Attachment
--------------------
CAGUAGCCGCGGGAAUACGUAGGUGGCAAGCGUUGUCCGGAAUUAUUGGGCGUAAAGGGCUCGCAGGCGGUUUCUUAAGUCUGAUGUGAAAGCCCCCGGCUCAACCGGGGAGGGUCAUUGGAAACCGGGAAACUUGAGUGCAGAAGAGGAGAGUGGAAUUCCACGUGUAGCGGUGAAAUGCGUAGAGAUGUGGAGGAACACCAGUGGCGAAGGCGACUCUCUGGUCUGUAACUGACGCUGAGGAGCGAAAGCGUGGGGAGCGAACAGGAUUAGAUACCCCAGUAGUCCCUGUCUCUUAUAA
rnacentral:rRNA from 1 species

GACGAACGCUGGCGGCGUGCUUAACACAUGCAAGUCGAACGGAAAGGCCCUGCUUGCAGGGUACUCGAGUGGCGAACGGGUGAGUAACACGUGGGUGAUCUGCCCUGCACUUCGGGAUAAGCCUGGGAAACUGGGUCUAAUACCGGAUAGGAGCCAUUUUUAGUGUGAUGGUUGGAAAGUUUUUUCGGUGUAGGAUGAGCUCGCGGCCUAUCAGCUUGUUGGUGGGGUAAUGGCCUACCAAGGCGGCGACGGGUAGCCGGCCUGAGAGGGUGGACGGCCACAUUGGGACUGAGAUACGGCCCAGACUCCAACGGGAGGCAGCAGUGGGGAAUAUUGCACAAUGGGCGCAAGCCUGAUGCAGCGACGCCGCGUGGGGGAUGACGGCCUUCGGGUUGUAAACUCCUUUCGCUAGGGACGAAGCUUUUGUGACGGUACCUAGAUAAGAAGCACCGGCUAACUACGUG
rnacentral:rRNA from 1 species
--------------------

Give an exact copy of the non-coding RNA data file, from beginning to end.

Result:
CAGUAGCCGCGGGAAUACGUAGGUGGCAAGCGUUGUCCGGAAUUAUUGGGCGUAAAGGGCUCGCAGGCGGUUUCUUAAGUCUGAUGUGAAAGCCCCCGGCUCAACCGGGGAGGGUCAUUGGAAACCGGGAAACUUGAGUGCAGAAGAGGAGAGUGGAAUUCCACGUGUAGCGGUGAAAUGCGUAGAGAUGUGGAGGAACACCAGUGGCGAAGGCGACUCUCUGGUCUGUAACUGACGCUGAGGAGCGAAAGCGUGGGGAGCGAACAGGAUUAGAUACCCCAGUAGUCCCUGUCUCUUAUAA
rnacentral:rRNA from 1 species

GACGAACGCUGGCGGCGUGCUUAACACAUGCAAGUCGAACGGAAAGGCCCUGCUUGCAGGGUACUCGAGUGGCGAACGGGUGAGUAACACGUGGGUGAUCUGCCCUGCACUUCGGGAUAAGCCUGGGAAACUGGGUCUAAUACCGGAUAGGAGCCAUUUUUAGUGUGAUGGUUGGAAAGUUUUUUCGGUGUAGGAUGAGCUCGCGGCCUAUCAGCUUGUUGGUGGGGUAAUGGCCUACCAAGGCGGCGACGGGUAGCCGGCCUGAGAGGGUGGACGGCCACAUUGGGACUGAGAUACGGCCCAGACUCCAACGGGAGGCAGCAGUGGGGAAUAUUGCACAAUGGGCGCAAGCCUGAUGCAGCGACGCCGCGUGGGGGAUGACGGCCUUCGGGUUGUAAACUCCUUUCGCUAGGGACGAAGCUUUUGUGACGGUACCUAGAUAAGAAGCACCGGCUAACUACGUG
rnacentral:rRNA from 1 species